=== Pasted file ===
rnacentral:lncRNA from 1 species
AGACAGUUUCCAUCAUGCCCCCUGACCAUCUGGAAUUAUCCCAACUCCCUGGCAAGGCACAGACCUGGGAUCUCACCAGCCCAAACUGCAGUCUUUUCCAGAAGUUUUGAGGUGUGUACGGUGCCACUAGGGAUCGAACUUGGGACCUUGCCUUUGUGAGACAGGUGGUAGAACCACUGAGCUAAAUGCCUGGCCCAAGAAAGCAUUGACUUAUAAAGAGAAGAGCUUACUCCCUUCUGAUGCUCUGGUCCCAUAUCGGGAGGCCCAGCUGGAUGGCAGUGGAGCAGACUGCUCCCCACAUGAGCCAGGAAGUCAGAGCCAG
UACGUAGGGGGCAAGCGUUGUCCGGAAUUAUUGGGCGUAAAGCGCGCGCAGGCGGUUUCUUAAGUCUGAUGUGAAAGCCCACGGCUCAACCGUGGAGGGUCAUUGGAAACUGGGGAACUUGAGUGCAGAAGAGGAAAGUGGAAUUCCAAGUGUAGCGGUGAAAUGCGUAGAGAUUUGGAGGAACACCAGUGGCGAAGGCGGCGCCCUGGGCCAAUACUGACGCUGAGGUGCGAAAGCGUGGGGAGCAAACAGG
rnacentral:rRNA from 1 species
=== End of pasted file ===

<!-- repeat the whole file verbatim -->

rnacentral:lncRNA from 1 species
AGACAGUUUCCAUCAUGCCCCCUGACCAUCUGGAAUUAUCCCAACUCCCUGGCAAGGCACAGACCUGGGAUCUCACCAGCCCAAACUGCAGUCUUUUCCAGAAGUUUUGAGGUGUGUACGGUGCCACUAGGGAUCGAACUUGGGACCUUGCCUUUGUGAGACAGGUGGUAGAACCACUGAGCUAAAUGCCUGGCCCAAGAAAGCAUUGACUUAUAAAGAGAAGAGCUUACUCCCUUCUGAUGCUCUGGUCCCAUAUCGGGAGGCCCAGCUGGAUGGCAGUGGAGCAGACUGCUCCCCACAUGAGCCAGGAAGUCAGAGCCAG
UACGUAGGGGGCAAGCGUUGUCCGGAAUUAUUGGGCGUAAAGCGCGCGCAGGCGGUUUCUUAAGUCUGAUGUGAAAGCCCACGGCUCAACCGUGGAGGGUCAUUGGAAACUGGGGAACUUGAGUGCAGAAGAGGAAAGUGGAAUUCCAAGUGUAGCGGUGAAAUGCGUAGAGAUUUGGAGGAACACCAGUGGCGAAGGCGGCGCCCUGGGCCAAUACUGACGCUGAGGUGCGAAAGCGUGGGGAGCAAACAGG
rnacentral:rRNA from 1 species